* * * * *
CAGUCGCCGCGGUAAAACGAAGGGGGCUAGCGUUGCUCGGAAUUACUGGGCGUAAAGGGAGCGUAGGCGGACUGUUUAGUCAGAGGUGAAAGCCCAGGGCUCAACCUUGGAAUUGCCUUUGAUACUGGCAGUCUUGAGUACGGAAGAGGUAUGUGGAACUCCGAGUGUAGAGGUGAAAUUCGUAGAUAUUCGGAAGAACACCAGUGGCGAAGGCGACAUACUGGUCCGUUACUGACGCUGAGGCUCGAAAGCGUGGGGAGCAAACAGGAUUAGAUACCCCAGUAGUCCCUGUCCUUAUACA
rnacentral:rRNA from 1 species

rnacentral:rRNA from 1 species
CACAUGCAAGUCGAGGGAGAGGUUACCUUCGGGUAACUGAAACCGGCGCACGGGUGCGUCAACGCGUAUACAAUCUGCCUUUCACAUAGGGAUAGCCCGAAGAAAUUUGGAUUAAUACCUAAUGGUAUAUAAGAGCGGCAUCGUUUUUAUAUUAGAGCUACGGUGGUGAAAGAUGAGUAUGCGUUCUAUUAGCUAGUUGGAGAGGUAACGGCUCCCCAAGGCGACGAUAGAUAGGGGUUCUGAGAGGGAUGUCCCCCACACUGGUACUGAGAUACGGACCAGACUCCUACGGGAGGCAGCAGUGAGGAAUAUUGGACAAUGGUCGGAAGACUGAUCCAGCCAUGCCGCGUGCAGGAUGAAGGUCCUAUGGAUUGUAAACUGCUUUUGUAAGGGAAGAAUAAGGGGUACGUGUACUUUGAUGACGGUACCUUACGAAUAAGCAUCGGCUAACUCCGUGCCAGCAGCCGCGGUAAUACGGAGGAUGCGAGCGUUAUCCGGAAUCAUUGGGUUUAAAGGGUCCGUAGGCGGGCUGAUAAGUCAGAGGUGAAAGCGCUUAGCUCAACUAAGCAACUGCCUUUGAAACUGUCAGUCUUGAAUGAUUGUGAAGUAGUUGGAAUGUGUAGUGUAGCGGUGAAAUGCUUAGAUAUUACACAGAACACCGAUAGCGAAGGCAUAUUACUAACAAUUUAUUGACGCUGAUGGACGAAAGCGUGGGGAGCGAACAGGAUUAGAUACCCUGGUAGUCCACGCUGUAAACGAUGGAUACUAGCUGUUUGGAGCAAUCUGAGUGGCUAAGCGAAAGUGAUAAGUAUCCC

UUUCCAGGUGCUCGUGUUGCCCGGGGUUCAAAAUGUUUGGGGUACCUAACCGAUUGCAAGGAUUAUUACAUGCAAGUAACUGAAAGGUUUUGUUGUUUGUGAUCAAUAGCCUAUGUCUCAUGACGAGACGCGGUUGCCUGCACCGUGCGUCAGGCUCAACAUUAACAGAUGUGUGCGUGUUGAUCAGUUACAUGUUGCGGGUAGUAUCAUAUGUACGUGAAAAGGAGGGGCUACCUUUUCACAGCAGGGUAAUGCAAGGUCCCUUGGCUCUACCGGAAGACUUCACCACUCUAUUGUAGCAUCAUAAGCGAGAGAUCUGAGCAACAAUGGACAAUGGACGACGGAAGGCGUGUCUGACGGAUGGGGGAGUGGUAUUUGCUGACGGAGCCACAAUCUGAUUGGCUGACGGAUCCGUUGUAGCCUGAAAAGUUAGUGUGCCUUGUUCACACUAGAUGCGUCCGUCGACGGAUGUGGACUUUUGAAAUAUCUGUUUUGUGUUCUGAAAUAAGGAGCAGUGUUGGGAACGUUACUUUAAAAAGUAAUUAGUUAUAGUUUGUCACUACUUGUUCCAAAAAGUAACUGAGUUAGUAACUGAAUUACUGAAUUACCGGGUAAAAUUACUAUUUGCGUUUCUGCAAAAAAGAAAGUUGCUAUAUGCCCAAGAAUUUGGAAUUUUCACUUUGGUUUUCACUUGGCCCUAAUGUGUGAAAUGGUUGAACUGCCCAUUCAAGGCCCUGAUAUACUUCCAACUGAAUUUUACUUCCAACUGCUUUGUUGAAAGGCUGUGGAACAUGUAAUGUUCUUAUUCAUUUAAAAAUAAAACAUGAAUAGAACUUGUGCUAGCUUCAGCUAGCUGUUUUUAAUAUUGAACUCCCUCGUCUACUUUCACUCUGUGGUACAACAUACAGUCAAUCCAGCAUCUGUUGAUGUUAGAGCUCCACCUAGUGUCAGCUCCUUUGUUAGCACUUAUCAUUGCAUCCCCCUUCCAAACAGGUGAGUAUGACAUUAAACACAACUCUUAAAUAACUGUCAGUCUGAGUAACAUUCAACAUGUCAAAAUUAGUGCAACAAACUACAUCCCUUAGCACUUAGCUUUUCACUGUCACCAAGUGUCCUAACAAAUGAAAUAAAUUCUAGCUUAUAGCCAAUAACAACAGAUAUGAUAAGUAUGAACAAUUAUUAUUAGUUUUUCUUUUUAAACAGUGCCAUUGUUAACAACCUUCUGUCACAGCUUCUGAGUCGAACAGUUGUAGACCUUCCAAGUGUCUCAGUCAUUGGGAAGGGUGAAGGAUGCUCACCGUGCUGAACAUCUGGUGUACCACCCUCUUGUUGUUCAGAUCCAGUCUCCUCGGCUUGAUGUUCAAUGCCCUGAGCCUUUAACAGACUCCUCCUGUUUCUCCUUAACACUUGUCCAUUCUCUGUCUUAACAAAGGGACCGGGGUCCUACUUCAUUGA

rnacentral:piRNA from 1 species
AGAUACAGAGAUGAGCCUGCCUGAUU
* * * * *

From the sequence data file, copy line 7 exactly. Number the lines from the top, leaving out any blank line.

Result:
AGAUACAGAGAUGAGCCUGCCUGAUU